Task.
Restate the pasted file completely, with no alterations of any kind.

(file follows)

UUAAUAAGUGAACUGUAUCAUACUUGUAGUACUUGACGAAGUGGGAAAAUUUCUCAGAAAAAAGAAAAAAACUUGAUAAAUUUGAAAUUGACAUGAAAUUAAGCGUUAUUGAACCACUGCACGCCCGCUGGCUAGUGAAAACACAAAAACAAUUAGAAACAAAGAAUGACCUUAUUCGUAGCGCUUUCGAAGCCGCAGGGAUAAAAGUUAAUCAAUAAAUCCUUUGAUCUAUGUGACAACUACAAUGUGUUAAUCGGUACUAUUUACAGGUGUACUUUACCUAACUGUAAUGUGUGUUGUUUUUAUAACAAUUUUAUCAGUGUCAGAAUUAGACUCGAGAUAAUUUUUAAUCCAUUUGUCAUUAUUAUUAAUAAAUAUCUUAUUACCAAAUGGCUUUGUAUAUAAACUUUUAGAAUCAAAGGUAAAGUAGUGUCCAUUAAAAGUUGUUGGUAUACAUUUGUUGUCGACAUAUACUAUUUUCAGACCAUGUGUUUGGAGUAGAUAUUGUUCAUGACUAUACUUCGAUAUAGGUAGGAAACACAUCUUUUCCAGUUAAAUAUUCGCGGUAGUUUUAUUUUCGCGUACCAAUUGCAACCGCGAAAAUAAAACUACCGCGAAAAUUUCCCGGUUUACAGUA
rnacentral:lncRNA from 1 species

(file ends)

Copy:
UUAAUAAGUGAACUGUAUCAUACUUGUAGUACUUGACGAAGUGGGAAAAUUUCUCAGAAAAAAGAAAAAAACUUGAUAAAUUUGAAAUUGACAUGAAAUUAAGCGUUAUUGAACCACUGCACGCCCGCUGGCUAGUGAAAACACAAAAACAAUUAGAAACAAAGAAUGACCUUAUUCGUAGCGCUUUCGAAGCCGCAGGGAUAAAAGUUAAUCAAUAAAUCCUUUGAUCUAUGUGACAACUACAAUGUGUUAAUCGGUACUAUUUACAGGUGUACUUUACCUAACUGUAAUGUGUGUUGUUUUUAUAACAAUUUUAUCAGUGUCAGAAUUAGACUCGAGAUAAUUUUUAAUCCAUUUGUCAUUAUUAUUAAUAAAUAUCUUAUUACCAAAUGGCUUUGUAUAUAAACUUUUAGAAUCAAAGGUAAAGUAGUGUCCAUUAAAAGUUGUUGGUAUACAUUUGUUGUCGACAUAUACUAUUUUCAGACCAUGUGUUUGGAGUAGAUAUUGUUCAUGACUAUACUUCGAUAUAGGUAGGAAACACAUCUUUUCCAGUUAAAUAUUCGCGGUAGUUUUAUUUUCGCGUACCAAUUGCAACCGCGAAAAUAAAACUACCGCGAAAAUUUCCCGGUUUACAGUA
rnacentral:lncRNA from 1 species